Background Clinical trials are increasingly perceived as a therapeutic opportunity for cancer patients. Favoring their concentration in few high-expertise academic centers maximizes quality of data collection but poses an issue of access equality. Analytical tools to quantify trial accessibility are needed to rationalize resources. Materials and methods We constructed a distance-based accessibility index (dAI) using publicly available data on demographics, cancer incidence and trials. Multiple strategies were applied to mitigate or quantify clear sources of bias: reporting biases by text mining multiple registries; reliability of simple geographical distance by comparison with high-quality travel cost data for Italy; index inflation due to highly heterogeneous cancer incidence by log-transformation. We studied inequalities by Gini index and time trend significance by Mann–Kendall test. We simulated different resource allocation models in representative countries and identified locations where new studies would maximally improve the national index. Results The dAI approximated well a more realistic but not widely applicable travel cost-based index. Accessibility was unevenly distributed across and within countries (Gini index ∼0.75), with maximal inequalities in high- and upper-middle-income countries (China, United States, Russian Federation). Over time, accessibility increased but less than the total number of trials, most evidently in upper-middle-income countries. Simulations in representative countries (Italy and Serbia) identified ideal locations able to maximally raise the national index. Conclusions Access to clinical trials is highly uneven across and within countries and is not mitigated by simple increase in the number of trials; a rational algorithmic approach can be used to mitigate inequalities.

Quantifying geographical accessibility to cancer clinical trials in different income landscapes

Beria, P.;
2022-01-01

Abstract

Background Clinical trials are increasingly perceived as a therapeutic opportunity for cancer patients. Favoring their concentration in few high-expertise academic centers maximizes quality of data collection but poses an issue of access equality. Analytical tools to quantify trial accessibility are needed to rationalize resources. Materials and methods We constructed a distance-based accessibility index (dAI) using publicly available data on demographics, cancer incidence and trials. Multiple strategies were applied to mitigate or quantify clear sources of bias: reporting biases by text mining multiple registries; reliability of simple geographical distance by comparison with high-quality travel cost data for Italy; index inflation due to highly heterogeneous cancer incidence by log-transformation. We studied inequalities by Gini index and time trend significance by Mann–Kendall test. We simulated different resource allocation models in representative countries and identified locations where new studies would maximally improve the national index. Results The dAI approximated well a more realistic but not widely applicable travel cost-based index. Accessibility was unevenly distributed across and within countries (Gini index ∼0.75), with maximal inequalities in high- and upper-middle-income countries (China, United States, Russian Federation). Over time, accessibility increased but less than the total number of trials, most evidently in upper-middle-income countries. Simulations in representative countries (Italy and Serbia) identified ideal locations able to maximally raise the national index. Conclusions Access to clinical trials is highly uneven across and within countries and is not mitigated by simple increase in the number of trials; a rational algorithmic approach can be used to mitigate inequalities.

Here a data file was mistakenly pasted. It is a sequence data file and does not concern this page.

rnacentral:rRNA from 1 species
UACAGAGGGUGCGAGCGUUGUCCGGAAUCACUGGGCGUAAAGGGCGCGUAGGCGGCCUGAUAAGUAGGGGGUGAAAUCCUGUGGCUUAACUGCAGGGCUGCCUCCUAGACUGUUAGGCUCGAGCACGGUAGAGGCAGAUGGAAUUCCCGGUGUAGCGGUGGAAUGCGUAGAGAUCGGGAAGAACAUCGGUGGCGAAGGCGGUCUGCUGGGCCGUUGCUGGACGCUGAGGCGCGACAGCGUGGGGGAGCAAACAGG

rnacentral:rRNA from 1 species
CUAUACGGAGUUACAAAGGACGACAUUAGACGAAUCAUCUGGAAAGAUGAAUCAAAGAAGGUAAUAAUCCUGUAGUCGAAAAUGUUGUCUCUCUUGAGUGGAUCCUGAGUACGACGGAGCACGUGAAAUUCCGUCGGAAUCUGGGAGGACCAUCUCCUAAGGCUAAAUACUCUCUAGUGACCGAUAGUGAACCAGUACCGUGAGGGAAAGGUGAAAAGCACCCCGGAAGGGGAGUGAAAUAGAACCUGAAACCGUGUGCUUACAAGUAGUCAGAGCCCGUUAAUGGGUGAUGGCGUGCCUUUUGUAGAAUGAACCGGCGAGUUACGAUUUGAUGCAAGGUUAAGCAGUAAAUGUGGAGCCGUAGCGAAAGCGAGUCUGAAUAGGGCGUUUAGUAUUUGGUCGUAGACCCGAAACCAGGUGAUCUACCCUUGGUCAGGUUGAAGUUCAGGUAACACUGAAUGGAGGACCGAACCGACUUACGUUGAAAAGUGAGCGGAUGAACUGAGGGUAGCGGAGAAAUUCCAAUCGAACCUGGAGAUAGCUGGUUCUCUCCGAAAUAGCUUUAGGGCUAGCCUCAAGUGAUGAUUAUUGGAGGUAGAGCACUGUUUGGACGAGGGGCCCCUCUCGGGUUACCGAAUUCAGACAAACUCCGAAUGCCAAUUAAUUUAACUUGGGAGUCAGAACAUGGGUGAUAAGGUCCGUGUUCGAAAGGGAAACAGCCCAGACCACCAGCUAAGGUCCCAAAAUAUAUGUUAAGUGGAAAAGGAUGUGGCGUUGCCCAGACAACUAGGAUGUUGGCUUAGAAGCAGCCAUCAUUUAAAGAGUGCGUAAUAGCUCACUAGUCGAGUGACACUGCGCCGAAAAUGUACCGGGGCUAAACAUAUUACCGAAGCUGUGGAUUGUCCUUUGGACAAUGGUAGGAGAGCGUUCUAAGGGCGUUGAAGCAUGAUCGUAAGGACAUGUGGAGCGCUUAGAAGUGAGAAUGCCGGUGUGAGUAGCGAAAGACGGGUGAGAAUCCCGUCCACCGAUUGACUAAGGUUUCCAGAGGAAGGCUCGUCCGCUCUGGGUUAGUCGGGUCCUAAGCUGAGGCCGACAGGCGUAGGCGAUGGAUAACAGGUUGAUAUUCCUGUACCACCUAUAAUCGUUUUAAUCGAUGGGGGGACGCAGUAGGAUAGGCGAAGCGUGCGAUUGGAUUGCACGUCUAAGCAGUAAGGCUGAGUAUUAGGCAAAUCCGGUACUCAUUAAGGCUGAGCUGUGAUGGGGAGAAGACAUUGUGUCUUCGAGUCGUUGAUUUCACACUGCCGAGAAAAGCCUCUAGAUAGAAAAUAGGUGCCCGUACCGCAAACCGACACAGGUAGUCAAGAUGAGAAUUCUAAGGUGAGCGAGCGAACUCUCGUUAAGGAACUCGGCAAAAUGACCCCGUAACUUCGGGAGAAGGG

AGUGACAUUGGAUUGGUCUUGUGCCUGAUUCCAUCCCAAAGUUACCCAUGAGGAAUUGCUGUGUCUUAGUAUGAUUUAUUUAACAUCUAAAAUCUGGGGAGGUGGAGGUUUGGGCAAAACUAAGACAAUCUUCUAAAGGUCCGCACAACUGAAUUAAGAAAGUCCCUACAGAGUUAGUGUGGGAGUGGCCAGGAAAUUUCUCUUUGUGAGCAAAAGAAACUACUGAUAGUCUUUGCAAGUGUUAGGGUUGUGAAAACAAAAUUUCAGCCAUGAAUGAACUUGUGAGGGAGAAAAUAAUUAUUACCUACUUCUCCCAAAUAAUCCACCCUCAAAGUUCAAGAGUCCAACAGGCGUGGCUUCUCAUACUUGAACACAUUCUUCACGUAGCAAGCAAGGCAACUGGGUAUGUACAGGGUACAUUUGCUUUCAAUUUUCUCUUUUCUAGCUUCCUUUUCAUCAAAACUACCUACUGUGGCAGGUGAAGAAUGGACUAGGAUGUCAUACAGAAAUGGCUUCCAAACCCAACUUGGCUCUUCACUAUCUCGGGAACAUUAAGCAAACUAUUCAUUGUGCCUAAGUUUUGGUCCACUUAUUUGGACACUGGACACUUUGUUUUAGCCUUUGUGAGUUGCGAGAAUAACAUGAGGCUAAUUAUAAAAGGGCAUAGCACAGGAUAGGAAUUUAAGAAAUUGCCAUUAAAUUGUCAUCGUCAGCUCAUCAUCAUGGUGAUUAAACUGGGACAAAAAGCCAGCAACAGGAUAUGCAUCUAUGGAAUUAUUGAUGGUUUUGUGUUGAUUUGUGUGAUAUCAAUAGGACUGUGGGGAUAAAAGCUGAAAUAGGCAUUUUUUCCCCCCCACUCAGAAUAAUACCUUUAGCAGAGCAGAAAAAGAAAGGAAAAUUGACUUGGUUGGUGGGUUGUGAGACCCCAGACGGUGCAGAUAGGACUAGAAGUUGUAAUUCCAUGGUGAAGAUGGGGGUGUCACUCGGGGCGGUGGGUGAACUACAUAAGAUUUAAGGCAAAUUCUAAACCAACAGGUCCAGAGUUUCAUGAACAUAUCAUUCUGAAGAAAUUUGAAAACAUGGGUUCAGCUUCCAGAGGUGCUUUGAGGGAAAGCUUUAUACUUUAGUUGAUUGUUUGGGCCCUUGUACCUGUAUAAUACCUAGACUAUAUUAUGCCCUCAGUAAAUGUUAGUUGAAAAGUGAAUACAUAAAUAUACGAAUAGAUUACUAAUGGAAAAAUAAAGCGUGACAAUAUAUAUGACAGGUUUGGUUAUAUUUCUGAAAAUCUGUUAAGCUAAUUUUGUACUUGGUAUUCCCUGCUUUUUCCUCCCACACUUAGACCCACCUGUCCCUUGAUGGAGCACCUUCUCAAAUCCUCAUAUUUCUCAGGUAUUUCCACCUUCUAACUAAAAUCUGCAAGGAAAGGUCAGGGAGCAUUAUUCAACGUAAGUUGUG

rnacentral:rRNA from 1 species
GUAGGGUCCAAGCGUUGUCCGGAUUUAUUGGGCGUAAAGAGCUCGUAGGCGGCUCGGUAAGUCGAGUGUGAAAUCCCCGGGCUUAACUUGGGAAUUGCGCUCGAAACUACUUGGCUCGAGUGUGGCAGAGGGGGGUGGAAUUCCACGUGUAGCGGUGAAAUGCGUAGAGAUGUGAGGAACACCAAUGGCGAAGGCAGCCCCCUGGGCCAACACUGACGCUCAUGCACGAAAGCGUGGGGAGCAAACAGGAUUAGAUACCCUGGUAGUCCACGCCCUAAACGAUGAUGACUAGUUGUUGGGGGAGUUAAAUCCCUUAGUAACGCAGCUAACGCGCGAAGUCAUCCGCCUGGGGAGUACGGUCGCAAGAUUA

accessibility; geography; oncology; clinical trials; optimization; inequalities
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Utilizza questo identificativo per citare o creare un link a questo documento: https://hdl.handle.net/11311/1218632
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